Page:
So this week’s Massively Overthinking is going to cautiously stick a paw into the beehive of World of Warcraft, thanks to the reveal of Dragonflight and Wrath Classic on Tuesday. I’ve asked our writers to weigh in on what they thought about the event, their opinion on the promised features, whether it’ll bring them back, and whether they think it’ll restore the game to its former glory. Naturally, you’re welcome to chime in in the comments too.
Andrew Ross (@dengarsw): There’s so much to unpack here. Let me start with the simple and move from there: Nothing I saw in the reveal will bring me back to World of Warcraft, but I am happy for those who play it and want to continue playing. Crafting orders, better specialization, a dragon race, highly customizable character creation. Really, that seems so cool! Except, minus the new flight, I already had that in 2003 via Horizons/Istaria, and as readers noted, more recent games have done these as well. I literally was looking at the reveal and felt like Blizzard had just updated Istaria’s graphics but gutted its housing system and player economy. There’s no aging, but giving everyone a customizable dragon and stuff for them to find and grow is an interesting switch-out. I’m glad this stuff is making a comeback, but for me, it’s 20 years too late in a game my current circle of friends won’t be touching. I am wondering how my brother, a Classic WoW raider who liked the dragon ideas in Horizons, is going to handle it. He’s basically shrugged at the reveal, but maybe if enough of his group gravitates towards it, he will too. Or, you know, whenever it reaches the Classic servers, which feel like they’re being handled well enough, but I always think, “At what point does it stop being Classic and just becomes modern WoW with a few different tweaks?”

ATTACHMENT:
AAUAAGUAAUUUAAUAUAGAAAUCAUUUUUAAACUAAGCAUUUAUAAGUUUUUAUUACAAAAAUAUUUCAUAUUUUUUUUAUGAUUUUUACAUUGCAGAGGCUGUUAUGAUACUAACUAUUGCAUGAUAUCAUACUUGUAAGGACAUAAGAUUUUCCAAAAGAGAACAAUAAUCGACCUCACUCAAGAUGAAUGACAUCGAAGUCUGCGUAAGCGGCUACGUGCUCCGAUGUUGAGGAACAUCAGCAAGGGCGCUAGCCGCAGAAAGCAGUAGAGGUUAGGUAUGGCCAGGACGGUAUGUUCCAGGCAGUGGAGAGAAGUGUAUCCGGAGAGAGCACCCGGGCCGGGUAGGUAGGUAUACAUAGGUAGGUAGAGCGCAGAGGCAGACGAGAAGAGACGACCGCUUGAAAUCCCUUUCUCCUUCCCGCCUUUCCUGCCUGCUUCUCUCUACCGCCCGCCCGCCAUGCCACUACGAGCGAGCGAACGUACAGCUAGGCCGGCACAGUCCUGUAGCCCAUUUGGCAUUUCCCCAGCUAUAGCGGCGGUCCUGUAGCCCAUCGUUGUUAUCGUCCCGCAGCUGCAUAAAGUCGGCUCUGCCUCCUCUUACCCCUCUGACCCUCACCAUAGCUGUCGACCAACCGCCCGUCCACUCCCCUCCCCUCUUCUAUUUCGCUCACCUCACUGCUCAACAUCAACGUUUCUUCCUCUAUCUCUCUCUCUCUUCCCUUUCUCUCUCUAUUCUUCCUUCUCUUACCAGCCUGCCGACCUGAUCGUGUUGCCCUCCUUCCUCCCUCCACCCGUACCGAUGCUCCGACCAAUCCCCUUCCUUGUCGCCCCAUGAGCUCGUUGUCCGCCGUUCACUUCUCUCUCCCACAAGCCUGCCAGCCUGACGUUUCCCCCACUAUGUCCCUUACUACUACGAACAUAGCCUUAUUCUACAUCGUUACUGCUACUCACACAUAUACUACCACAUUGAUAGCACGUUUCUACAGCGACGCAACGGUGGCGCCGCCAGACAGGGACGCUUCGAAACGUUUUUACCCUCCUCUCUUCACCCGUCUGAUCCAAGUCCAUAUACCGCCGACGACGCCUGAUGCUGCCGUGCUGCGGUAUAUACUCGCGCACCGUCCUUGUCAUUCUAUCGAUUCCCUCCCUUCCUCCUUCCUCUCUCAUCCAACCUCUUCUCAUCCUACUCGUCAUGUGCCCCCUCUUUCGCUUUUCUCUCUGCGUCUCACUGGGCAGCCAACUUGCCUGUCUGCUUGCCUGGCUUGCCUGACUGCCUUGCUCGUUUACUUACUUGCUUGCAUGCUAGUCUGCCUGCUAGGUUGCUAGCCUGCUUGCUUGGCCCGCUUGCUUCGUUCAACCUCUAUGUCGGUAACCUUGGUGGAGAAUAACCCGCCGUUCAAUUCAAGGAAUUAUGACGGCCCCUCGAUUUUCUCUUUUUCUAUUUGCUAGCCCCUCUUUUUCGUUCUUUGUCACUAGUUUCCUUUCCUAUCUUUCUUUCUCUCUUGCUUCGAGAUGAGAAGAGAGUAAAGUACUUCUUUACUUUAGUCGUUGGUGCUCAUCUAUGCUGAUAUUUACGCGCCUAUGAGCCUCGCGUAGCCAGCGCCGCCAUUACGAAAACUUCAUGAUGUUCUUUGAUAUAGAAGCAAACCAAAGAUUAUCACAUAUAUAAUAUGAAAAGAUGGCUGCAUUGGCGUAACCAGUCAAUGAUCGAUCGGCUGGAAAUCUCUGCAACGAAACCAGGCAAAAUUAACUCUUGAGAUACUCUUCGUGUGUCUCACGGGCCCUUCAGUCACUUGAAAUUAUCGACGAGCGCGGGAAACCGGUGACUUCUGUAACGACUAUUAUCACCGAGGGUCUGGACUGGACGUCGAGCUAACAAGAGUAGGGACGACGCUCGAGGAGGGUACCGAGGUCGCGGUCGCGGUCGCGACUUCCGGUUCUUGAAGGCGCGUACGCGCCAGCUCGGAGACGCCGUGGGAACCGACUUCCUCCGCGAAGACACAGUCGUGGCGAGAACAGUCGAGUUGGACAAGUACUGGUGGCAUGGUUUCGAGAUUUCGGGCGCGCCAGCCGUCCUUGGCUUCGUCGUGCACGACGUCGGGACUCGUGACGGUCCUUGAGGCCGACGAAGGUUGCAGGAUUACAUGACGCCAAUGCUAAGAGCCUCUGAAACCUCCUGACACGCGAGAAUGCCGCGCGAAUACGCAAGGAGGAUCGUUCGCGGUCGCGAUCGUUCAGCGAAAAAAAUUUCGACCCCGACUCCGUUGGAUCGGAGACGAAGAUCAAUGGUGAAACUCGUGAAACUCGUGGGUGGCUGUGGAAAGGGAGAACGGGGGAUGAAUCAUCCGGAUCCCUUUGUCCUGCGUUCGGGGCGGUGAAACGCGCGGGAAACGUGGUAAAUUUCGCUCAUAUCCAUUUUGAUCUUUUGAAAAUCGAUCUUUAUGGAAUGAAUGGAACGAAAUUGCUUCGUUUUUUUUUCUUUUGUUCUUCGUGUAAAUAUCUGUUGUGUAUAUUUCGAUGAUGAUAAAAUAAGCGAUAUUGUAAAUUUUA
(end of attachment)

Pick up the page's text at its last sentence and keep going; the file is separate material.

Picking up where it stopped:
Now, let’s go back to the whole “20 years too late” bit for myself. This comes out a lot when I talk about Blizzard games, but it’s hard to hook me when I’m someone who leans towards innovative games. By the time they make it to mainstream, they’re old for me, but they hype other players. Look no further than Overwatch, where I had the exact same problem and only had it “click” by watching my mainstream gamer friends experience this stuff for the first time.
The difference here, though, is that WoW is not a new game nor new IP. The graphics still have a dated appearance, if a bit glossier. Blizzard’s reputation also is more troubled. I can’t imagine non-MMO players coming to this expansion unless they really love dragons. Old WoW players who took lore seriously might be turned off by all these prismatic dragons (seeing a red dragon using arcane magic felt wrong to me). And old veterans burned by WoW constantly changing just about everything every other expansion will avoid it.
And that’s the big downer for me. Even while I was enjoying things like the idea of the customizable dragons, my first thought was, “This is going to get dropped in the expansion after this.” I got the same feeling from the talents, which I barely understood because they too have been revamped a million and one times. I almost feel like Classic WoW should have been the opportunity to actually go with a sequel, but built on the idea of carrying over data from the last game. I mean, if you’re revamping everything like Blizzard has anyway, why not?
Which brings me to the last point: the reveal method. I always hate when people at the company “interview” people at the same company as if they don’t already know what’s up. However, it stood out even more to me knowing that, had Blizzard invited press or perhaps even influencers, the shadow of the recent Blizz/Activision climate would sour everything and anything. Even the most positive influencer would look like a sellout if they didn’t address the current events. It felt clear that Blizzard wanted to control the tone, and I get that, but it also shows how much they’ve taken a hit in the court of public opinion. The cinematic alone just didn’t feel like WoW; it felt generic, and that’s for a game that largely repurposes Tolkien/Lovecraft mythos. Again, I really like some of the features going into this expansion, but at this point, the big problem is WoW itself, with Blizzard sadly coming in as a close second.